Faces in Focus: Jail psychologist wears many hats
Appeal Staff Writer
While Carson City Jail deputies tend to the physical needs of inmates, “Doc” Joe McEllistrem, a forensic psychologist contracted by the city, tends to their minds.
According to the U.S. Department of Justice , more than 16 percent of jail inmates have a mental illness and 70 percent of those inmates are there for nonviolent offenses.
With McEllistrem on the payroll, it’s evident Carson City is no exception.
“We wanted to figure out a way to identify any inmates with serious or potentially serious mental health problems, to monitor these inmates in our facility, and to stabilize any inmates in a crisis situation and provide ongoing care and follow up with those inmates,” McEllistrem said.
It’s the marriage of law and psychology that drives McEllistrem. The fascination with why offenders offend brought him into this line of work, and it’s what keeps him here.
And with a sheriff open to McEllistrem’s ideas, he finds his work easy and satisfying.
Recently, he attained a grant to bring in someone to make sure that when those who need McEllistrem are released, they have the tools to stop doing whatever got them into custody in the first place, he said.
“I don’t want anyone leaving that’s homeless. I want to help get them a place to live, do follow-up services on the outside, and bring in people from the outside to educate them about job opportunities, vocational rehab, Social Security and HUD housing,” he said.
McEllistrem gets his “clients” in a variety of ways – jail deputies sometimes mention someone they are concerned about. Sometimes, the inmates request his help.
“Our admissions to (mental health hospitals) have declined. Before I was (in the jail), any time they had a problem with an inmate, they often went the hospital route. We take care of them now,” he said. “Every time we don’t take someone to the hospital, we save $5,000.”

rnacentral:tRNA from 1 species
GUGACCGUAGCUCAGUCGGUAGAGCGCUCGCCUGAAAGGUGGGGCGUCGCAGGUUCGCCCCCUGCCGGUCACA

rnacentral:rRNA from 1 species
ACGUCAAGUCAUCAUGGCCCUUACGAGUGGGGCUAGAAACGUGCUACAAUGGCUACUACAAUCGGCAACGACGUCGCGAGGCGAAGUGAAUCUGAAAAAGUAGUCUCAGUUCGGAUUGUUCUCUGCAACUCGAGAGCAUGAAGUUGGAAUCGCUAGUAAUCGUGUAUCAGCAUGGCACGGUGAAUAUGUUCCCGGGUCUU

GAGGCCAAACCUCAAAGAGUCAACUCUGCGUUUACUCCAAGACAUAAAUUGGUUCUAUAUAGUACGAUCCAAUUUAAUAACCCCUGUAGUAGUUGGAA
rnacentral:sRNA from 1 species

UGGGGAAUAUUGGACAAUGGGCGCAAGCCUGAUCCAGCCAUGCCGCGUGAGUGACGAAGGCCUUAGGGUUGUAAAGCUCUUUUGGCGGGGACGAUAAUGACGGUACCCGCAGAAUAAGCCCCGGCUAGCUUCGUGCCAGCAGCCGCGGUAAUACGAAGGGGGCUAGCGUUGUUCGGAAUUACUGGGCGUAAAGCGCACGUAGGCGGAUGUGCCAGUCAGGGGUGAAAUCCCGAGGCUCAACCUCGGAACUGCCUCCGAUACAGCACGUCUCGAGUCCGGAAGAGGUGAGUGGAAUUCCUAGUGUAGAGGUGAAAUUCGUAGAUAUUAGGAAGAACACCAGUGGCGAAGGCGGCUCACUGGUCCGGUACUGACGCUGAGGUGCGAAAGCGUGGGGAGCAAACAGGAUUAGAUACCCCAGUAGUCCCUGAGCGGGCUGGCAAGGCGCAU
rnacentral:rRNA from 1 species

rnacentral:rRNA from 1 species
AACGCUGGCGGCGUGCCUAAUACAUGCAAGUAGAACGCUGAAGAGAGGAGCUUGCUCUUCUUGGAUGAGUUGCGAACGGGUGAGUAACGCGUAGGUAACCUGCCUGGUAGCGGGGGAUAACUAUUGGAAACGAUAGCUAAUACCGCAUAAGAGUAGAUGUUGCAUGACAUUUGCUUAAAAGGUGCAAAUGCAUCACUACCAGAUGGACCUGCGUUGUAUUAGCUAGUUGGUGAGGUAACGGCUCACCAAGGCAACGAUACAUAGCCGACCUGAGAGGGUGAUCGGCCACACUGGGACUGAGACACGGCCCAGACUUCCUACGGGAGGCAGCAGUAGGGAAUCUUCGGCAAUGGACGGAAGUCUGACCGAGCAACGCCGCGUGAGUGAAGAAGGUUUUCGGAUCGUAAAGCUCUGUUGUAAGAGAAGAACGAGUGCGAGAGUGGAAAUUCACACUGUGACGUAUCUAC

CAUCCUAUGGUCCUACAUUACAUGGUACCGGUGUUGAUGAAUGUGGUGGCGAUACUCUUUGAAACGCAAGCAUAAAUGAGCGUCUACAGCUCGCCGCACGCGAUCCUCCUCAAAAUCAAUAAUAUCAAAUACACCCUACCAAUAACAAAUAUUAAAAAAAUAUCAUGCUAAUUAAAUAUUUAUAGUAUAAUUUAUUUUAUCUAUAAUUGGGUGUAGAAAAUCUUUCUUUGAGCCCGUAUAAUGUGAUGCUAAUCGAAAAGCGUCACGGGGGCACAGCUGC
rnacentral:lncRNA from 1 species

In addition to his jail work, McEllistrem is in private practice, working for judges and attorneys.
“It’s the freedom of being in private practice that energizes me to do this kind of work in this kind of population,” he said of his jail psychology.
He’s worked on a number of high-profile cases, such as the Oklahoma City bombing. When the defense attorneys wanted to go the insanity route, McEllistrem, along with forensic psychologist J.R. Maloy, were able to analyze defendants Timothy McVeigh and Terry Nichols and debunk that assertion.
“Once the defense decided we weren’t going to go the psych route, they blamed it on Waco,” he said.
McEllistrem also worked on the Erin Kuhn case, in which a woman cut out her niece’s unborn child from the girl’s womb.
He said he is working on a similar case in Kansas.
“I do a lot of fairly intense homicide cases,” he said.
But McEllistrem is also a family man. Together, he and his wife, clinical psychologist Lisa Keating, are raising an adopted 3-year-old daughter. This summer, the couple plans to venture back to China and to adopt a sister for Elia.
McEllistrem is also on the board of the Boys & Girls Club of Western Nevada, writes articles for Carson Magazine, publishes articles for psychology publications, and takes part in the Mental Health Court.
Contrary to popular belief, he and Lisa don’t sit around at home talking shop all night.
“That’s the last thing we do,” he said.
Nor does he analyze everyone he meets.
“You don’t have the energy or interest in that,” he said, chuckling. “It’s kind of a running joke – my meter’s not always running.”
• Contact reporter F.T. Norton at email@example.com or 881-1213.